Paleo Ahi Tuna Poke Bowl garnished with sesame seeds and lime wedges

Easy Tuna Poke Bowls Recipe

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Tuna Poke Bowls have been on my list of recipes to test forEVER. This summer, I made it a priority to try them out!

And I’m sure glad I did — these easy tuna poke bowls come together quickly for a nutritious, fresh, and colorful meal that definitely hits the spot on a hot and humid summer day.

These bowls are gluten free, paleo, Whole30, low carb, and keto-friendly. And the best part? They can be customized in SO many ways!

Paleo Ahi Tuna Poke Bowl garnished with sesame seeds and lime wedges

How to make tuna poke bowls

Really, poke bowls come down to the sauce, the fish, and the veggies.

After marinating your choice of fish (for this recipe, I use Ahi tuna!) in the poke sauce for a bit, all you’ve got to do is throw your favorite veggies in a bowl with the marinated tuna and you are good to go. Top with some sesame seeds if you wish (they certainly LOOK classy) and chow down!

Seriously — it’s really that simple. If you chop up your veggies in advance and let the tuna marinate a little longer, we’re talking about a meal you can just throw together in minutes. (That said, you won’t want to keep raw tuna marinating forever!)

What is poke sauce made of?

Poke sauce, like many popular dressings and sauces, has a few standard ingredients. But the rest is up to you! Or, rather, me, since I made this recipe.

For a paleo poke sauce, I used coconut aminos (instead of soy sauce), plus standards like rice vinegar and sesame oil. But I also added chili sauce for a bit of a kick.

It’s NOT EASY to find paleo-friendly chili sauce, particularly in Fargo, North Dakota. Here’s the brand I used.

However, for a Whole30 poke sauce (since the brand I used uses agave), you could use just a tablespoon or two of hot sauce and call it good.

Is poke safe to eat?


There’s always a risk of foodborne illness when eating raw fish, but there’s a risk of foodborne illness while eating…anything. We all take that risk all the dang time. After all, how many people do you hear about getting sick from poke?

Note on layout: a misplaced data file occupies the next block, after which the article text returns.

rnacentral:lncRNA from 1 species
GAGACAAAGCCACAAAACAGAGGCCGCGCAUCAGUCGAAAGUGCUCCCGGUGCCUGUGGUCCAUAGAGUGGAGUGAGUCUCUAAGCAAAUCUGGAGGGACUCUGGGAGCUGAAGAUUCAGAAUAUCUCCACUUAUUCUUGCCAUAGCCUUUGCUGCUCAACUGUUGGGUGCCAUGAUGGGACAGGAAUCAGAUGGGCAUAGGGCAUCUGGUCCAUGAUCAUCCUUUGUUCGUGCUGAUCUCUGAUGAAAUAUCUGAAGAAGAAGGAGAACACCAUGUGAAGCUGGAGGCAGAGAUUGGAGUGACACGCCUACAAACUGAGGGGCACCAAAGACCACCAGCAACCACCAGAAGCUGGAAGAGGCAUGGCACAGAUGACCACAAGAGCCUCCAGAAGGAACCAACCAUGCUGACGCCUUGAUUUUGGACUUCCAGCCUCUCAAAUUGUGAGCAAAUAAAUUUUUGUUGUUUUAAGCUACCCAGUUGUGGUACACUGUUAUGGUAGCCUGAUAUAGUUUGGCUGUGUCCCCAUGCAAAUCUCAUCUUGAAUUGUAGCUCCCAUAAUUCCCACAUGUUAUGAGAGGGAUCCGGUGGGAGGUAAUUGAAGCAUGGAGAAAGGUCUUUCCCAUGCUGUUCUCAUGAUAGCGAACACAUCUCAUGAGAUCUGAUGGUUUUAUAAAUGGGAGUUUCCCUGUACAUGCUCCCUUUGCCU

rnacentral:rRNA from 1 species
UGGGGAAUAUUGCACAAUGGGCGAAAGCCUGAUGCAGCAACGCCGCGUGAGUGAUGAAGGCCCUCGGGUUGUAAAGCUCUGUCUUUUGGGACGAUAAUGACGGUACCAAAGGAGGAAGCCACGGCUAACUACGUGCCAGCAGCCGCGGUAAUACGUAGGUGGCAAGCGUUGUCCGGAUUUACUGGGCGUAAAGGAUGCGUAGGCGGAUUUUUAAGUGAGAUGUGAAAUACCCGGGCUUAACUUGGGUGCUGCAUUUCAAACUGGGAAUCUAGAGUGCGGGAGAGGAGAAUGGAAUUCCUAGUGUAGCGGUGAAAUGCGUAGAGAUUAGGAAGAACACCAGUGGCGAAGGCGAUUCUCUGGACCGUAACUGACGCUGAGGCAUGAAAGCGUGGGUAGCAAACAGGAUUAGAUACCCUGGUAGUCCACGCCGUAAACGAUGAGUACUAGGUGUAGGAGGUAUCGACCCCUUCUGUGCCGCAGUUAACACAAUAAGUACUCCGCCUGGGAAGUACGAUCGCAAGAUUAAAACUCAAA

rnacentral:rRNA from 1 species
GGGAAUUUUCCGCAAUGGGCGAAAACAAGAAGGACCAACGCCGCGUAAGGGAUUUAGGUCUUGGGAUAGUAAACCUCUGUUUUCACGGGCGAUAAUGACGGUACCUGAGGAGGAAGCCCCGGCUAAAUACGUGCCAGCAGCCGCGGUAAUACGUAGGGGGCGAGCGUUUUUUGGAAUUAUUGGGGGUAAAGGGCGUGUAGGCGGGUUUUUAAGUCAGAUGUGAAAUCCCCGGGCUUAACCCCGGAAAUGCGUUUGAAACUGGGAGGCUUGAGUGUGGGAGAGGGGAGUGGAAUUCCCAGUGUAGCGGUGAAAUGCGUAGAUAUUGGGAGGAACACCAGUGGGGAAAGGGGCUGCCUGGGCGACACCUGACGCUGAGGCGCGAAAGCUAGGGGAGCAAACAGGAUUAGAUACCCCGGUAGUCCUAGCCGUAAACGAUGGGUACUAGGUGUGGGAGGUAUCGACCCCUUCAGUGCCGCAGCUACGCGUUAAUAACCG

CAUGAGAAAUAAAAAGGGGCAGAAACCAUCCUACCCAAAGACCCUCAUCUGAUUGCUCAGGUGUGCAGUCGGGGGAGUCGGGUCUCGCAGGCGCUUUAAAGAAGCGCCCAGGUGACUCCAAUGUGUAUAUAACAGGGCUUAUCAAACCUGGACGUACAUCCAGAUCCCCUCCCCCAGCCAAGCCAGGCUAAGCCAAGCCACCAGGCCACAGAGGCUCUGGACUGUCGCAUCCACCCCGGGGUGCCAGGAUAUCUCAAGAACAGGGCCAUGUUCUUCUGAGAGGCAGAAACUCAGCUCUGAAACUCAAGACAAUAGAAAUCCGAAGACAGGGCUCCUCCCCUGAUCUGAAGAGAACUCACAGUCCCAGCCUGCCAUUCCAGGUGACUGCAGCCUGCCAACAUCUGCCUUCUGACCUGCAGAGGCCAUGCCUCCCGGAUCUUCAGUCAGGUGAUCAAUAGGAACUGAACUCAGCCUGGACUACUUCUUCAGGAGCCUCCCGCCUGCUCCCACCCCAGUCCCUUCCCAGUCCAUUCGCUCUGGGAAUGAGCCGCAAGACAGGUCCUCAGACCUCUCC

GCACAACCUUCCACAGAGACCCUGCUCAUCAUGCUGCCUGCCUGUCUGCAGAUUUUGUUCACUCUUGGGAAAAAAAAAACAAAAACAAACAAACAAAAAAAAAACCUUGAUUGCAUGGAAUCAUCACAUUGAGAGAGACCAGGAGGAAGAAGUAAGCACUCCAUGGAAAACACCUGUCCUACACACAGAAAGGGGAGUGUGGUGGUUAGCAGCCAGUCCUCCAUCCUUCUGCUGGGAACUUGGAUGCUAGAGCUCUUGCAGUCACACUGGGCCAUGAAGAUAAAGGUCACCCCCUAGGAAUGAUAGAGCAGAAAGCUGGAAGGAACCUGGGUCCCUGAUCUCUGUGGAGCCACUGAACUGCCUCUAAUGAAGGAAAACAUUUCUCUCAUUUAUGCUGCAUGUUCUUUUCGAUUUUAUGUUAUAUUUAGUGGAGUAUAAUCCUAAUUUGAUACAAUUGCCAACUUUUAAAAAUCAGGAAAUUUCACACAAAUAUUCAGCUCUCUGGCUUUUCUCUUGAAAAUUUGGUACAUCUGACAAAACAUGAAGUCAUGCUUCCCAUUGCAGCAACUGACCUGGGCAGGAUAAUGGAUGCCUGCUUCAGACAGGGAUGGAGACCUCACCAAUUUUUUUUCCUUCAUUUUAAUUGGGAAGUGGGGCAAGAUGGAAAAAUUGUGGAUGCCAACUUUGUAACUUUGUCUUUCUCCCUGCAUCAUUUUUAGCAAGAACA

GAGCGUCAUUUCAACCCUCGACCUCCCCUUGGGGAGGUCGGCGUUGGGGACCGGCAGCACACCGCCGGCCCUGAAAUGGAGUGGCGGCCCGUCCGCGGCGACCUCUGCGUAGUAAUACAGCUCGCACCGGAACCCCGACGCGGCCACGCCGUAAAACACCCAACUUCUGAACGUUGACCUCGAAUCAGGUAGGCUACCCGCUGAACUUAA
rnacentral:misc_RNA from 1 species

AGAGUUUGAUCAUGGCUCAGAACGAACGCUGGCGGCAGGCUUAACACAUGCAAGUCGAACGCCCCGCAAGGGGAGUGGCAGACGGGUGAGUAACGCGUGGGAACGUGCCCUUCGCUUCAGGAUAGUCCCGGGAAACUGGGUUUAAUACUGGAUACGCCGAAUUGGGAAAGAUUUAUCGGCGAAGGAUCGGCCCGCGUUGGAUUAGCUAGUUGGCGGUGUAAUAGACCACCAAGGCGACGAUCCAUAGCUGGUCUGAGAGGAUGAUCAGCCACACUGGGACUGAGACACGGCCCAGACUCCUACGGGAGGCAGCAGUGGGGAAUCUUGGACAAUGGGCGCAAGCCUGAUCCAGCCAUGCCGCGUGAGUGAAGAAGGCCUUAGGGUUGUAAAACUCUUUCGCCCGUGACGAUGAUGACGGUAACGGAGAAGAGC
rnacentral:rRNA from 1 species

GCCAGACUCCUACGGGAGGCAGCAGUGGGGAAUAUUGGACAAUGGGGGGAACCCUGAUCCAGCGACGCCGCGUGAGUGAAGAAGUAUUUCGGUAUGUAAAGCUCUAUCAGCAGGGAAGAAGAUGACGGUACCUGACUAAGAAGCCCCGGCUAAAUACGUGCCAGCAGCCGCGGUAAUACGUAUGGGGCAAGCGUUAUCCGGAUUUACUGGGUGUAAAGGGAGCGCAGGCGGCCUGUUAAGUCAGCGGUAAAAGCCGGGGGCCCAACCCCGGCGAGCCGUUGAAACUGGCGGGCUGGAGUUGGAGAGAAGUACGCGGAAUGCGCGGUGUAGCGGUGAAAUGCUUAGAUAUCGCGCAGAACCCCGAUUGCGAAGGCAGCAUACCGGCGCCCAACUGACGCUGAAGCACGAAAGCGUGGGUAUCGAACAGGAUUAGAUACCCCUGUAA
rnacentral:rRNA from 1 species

Probably not many.

You can minimize the risk by buying top quality, super fresh Ahi tuna for these tuna poke bowls.

Now, that’s not easy to find in landlocked North Dakota. So I’ll readily admit that I used frozen, wild caught Ahi tuna. Riskier, but I’m still standing today and didn’t get sick.

Paleo Ahi Tuna Poke Bowl garnished with sesame seeds and lime wedges

Are poke bowls healthy?

Sure. Well, I believe pretty whole-heartedly that “healthy” is subjective, but I can tell you that these tuna poke bowls are gluten free, paleo, Whole30-friendly, low carb, and keto-friendly.

So if you follow one of those frameworks, then yeah!

But like with most things in life, you can take something innocuous to a level of overload. So maybe reconsider eating the entire recipe in one go. But hey, it’s your life — live it as you see fit!

Paleo Ahi Tuna Poke Bowl garnished with sesame seeds and lime wedges

Customizing your poke bowl

The great thing about a poke bowl is that it can be easily customized to your tastes or what you have on hand.

You can see all the veggies and fruits I used, but it’s simple to change some things out.

Use these swaps and tips if you’re into it.

  • Instead of cauliflower rice, use white rice
  • Or skip the rice entirely and serve on a salad
  • Add a little more heat with a tablespoon or so of hot sauce stirred into the poke sauce
  • Swap any of the veggies or fruits out for shredded carrots, scallions, thinly sliced white onion, pickled ginger, mandarin oranges, sliced jalapeno

More gluten free seafood recipes

Paleo Poke Bowls garnished with sesame seeds
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Keto Ahi Tuna Poke Bowl garnished with sesame seeds

Easy Tuna Poke Bowls

  • Author: Chelsea at
  • Prep Time: 40 minutes
  • Total Time: 40 minutes
  • Yield: 45 servings 1x
  • Category: Entree
  • Method: Marinated


These paleo Ahi tuna poke bowls make a refreshing, simple, and nourishing lunch or light dinner! Customize them with your favorite raw veggies and fruits.


  • 1 1/2 pounds sushi-grade Ahi tuna
  • 1/4 cup sliced scallion
  • 1/4 cup coconut aminos or gluten free tamari
  • 2 tablespoons sugar free chili sauce
  • 1 tablespoon sesame oil
  • 1/2 tablespoon rice vinegar
  • 1 medium mango, seeded and cubed
  • 1 Hass avocado, peeled, seeded, and cubed
  • 1/2 medium cucumber, thinly sliced
  • 23 radishes, thinly sliced
  • 2 scallions, diagonally sliced
  • 2 cups cauliflower rice
  • 1 tablespoon white and black sesame seeds
  • Lime wedges, for serving


  1. Pat the tuna dry and cut it into 2″ cubes. Put in a shallow bowl or dish. Combine the scallion, coconut aminos, chili sauce, sesame oil, and rice vinegar. Pour the mixture over the tuna, making sure to coat each piece of tuna. Cover and refrigerate for at least 30 minutes and up to 24 hours.
  2. When ready to serve, split the cauliflower rice, mango, avocado, cucumber, radishes, and marinated tuna between 4 bowls. Top with sesame seeds and garnish with lime wedges, if desired. Eat immediately.

Keywords: tuna poke bowl


Paleo Ahi Tuna Poke Bowl garnished with sesame seeds and lime wedges
Paleo Ahi Tuna Poke Bowl garnished with sesame seeds and lime wedges


I'm Chelsea, the author behind Chelsea Joy Eats! I believe life should be full of flavor. I enjoy creating recipes that are nourishing, flavorful, and satisfying. When not experimenting in the kitchen, I usually have a camera, barbell, or mug of coffee in hand. My posts may include affiliate links, which means if you click through a purchase something, I make a small commission at no cost to you. It helps me fuel my coffee habit and pay rent!

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